by Alexander Green, Investment U’s Chief Investment Strategist
Monday, December 20, 2010: Issue #1411
Anyone who reads my investment commentary knows I’m an optimist. But I like to think I’m a rational one.
When the economy tanks, I know it will mend eventually. The same is true with the stock market.
But what’s happening with residential real estate right now is the equivalent of a thousand-year flood. Home prices will not rebound in 2011. Indeed, they’ll only head lower.
And this is more than just a guess…
Why Residential Real Estate is Struggling to Recover
Residential real estate is weak, in part, because the prices leading up to the peak in 2005 were wildly unrealistic and irrational. You can’t explain it with inflation, building costs, or potential rental income. It was just a mania, fueled by ultra-low interest rates, super-EZ credit and the unshakeable belief that “real estate always goes up.”
Look at every bubble of the recent past:
- The Tokyo stock exchange in 1989 – 75% lower today.
- The Nasdaq in March 2000 – 50% lower today.
Manias generally take decades to work out – and we’re not even six years into this one.
The real estate party is over. Now we’re left with the clean-up – and the hangover…
Foreclosure: From Calamity to Crafty
Some analysts say housing is weak because of the tepid recovery and high unemployment. But that doesn’t begin to tell the tale.
At the end of the third quarter, 10.8 million American mortgages were underwater (i.e. when borrowers owe more on their homes than what they’re worth). This accounts for 22.5% of all U.S. homeowners with a mortgage.
Some housing experts say this is a positive development. After all, 11.3 million mortgages were underwater at the beginning of the year. However, this drop doesn’t reflect a rebound in home prices. Rather, the number of underwater homes has declined, as banks have taken back the properties and wiped out their debt through foreclosure.
Unfortunately, foreclosure sales force market prices lower, which puts still more mortgage holders underwater. As time passes, more homeowners will realize that they’re paying a mortgage that is far more than the value of the house and walk away – even if they can afford to keep paying.
This is a troubling development, but the stigma is already gone. It used to be a mark of dishonor to have the bank foreclose on your home. Today, it’s increasingly viewed as a smart business move.
“Why should I keep paying my $400,000 mortgage when the house is worth less than $250,000?” a pharmaceutical rep asked me recently. “I’m not an idiot.”
The Millstones Around the Housing Market’s Neck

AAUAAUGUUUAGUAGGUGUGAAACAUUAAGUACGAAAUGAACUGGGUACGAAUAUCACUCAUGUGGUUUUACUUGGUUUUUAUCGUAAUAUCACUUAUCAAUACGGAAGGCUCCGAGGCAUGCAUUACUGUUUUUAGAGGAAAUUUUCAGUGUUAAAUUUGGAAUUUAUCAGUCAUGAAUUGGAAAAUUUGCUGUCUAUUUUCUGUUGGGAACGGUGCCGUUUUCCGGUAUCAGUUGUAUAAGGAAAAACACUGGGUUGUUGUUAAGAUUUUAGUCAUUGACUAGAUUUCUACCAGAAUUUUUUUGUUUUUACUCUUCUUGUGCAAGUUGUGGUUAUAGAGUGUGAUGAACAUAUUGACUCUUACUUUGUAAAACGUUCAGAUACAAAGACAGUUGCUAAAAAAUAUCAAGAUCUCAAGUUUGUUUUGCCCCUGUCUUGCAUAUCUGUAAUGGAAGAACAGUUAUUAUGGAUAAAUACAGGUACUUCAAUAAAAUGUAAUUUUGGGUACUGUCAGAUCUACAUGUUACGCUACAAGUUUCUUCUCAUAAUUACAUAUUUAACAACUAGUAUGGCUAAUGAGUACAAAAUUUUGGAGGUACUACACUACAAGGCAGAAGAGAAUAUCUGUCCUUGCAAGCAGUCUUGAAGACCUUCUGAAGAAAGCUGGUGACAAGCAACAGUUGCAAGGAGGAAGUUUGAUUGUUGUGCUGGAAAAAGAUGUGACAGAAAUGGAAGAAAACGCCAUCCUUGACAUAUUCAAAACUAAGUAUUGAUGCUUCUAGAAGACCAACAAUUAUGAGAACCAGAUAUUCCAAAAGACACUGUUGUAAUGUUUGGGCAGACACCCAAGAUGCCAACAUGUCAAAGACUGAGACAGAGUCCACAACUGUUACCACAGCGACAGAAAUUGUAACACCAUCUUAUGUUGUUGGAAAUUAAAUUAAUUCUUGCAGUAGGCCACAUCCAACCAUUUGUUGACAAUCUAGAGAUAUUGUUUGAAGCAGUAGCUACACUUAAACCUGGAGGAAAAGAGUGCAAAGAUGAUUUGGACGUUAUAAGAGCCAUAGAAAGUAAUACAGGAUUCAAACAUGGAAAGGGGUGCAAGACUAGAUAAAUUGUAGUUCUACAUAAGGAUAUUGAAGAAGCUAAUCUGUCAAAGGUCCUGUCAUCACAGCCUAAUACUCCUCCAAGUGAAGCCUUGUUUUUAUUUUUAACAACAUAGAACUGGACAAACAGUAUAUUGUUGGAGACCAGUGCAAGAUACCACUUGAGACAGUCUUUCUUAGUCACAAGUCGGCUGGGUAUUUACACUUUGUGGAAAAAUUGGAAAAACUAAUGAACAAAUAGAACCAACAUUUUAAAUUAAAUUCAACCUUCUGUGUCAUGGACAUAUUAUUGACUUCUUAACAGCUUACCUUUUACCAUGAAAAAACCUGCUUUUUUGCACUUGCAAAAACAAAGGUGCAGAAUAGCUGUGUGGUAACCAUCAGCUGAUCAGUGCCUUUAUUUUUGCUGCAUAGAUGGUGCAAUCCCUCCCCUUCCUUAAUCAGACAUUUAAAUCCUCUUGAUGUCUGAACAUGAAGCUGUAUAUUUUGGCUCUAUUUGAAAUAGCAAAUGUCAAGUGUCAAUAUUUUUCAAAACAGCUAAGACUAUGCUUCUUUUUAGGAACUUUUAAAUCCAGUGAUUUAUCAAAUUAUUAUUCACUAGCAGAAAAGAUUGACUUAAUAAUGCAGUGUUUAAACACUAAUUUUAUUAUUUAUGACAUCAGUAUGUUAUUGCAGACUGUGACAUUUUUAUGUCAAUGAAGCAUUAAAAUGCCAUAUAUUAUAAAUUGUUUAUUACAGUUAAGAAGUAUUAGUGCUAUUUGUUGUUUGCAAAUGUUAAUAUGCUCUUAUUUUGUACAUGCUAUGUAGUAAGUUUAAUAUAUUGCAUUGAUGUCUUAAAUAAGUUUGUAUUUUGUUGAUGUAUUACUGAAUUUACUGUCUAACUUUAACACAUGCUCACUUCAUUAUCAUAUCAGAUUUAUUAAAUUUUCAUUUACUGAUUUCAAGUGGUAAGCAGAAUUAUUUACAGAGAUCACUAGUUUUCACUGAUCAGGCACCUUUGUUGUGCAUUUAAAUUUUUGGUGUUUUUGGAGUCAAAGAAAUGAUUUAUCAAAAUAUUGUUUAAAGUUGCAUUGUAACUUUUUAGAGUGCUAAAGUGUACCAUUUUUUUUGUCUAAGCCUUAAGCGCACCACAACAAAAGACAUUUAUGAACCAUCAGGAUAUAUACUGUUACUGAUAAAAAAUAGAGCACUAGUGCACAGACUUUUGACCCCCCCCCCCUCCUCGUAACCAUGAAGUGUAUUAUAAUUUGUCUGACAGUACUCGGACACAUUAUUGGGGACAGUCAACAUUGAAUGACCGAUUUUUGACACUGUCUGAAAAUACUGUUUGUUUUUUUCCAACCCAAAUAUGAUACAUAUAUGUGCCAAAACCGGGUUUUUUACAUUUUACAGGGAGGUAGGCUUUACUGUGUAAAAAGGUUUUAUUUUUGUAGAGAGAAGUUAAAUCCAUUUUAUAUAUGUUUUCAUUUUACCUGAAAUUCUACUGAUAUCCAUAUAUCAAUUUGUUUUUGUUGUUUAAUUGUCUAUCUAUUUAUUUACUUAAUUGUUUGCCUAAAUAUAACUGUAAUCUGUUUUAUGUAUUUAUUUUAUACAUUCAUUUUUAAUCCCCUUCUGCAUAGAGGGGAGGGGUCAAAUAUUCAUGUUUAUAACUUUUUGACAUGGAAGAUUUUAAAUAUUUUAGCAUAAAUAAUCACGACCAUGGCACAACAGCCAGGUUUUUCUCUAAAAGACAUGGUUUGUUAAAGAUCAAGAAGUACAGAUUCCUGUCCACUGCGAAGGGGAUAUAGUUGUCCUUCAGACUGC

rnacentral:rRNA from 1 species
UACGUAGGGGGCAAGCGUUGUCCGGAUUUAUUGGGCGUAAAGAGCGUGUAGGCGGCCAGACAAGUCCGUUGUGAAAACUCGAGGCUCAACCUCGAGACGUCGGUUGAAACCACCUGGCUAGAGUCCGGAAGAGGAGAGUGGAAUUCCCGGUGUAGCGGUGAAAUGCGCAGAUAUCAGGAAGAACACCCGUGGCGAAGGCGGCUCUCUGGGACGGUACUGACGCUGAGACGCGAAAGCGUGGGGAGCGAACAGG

Homeowners are realizing that housing prices aren’t going to come roaring back anytime soon. And they’re beginning to feel that paying on the mortgage is simply throwing good money after bad. In fact, financial advisors often encourage borrowers to walk away.
“A bad credit record hurts a lot less than a six-figure negative net worth,” said one.
There are plenty of other pressures on the housing market, too…
- Sales Trouble: Most potential buyers can’t sell the house they’re in. That makes it impossible for them to buy another.
- Banks Get Tough: Duly chastened by all the no-money and low-money down-payments of the recent past, most banks now require a 10% downstroke or more. Plus a decent credit history. But many potential borrowers don’t have both… or either. In turn, that dries up demand. Plus, mortgage rates are rising, making even attractively priced homes less affordable.
- Sentiment: The psychology of the housing market is fragile. For years, people bought all the house they could afford (and then some) and didn’t hesitate to invest in rental properties or vacation homes. Why? Because real estate always goes up, remember?
But now, a second home is more likely to be viewed as an albatross. Speculators rightly see the near-term appreciation potential as nil.
This doesn’t mean there aren’t bargains available. But buyers need to be extra careful. I know plenty of people who bought homes on the courthouse steps a couple of years ago and are now sitting on terrific losses.
If you can buy a home at a great price and find a renter to cover your costs, by all means, consider taking the plunge. But plan to hold on a few years. The chance of turning a home over for a quick profit – unless you’re buying an absolutely distressed property – is remote.
The Real Estate Verdict is in: Another Rough Year Looming
To sum up, a weak economic recovery, high unemployment, rising interest rates, falling house prices, an inventory glut, increasing foreclosures, tight credit, poor psychology and mounting walk-aways will keep residential home prices under pressure in 2011.
And 2012 isn’t likely to be any great shakes either. Please don’t shoot the messenger.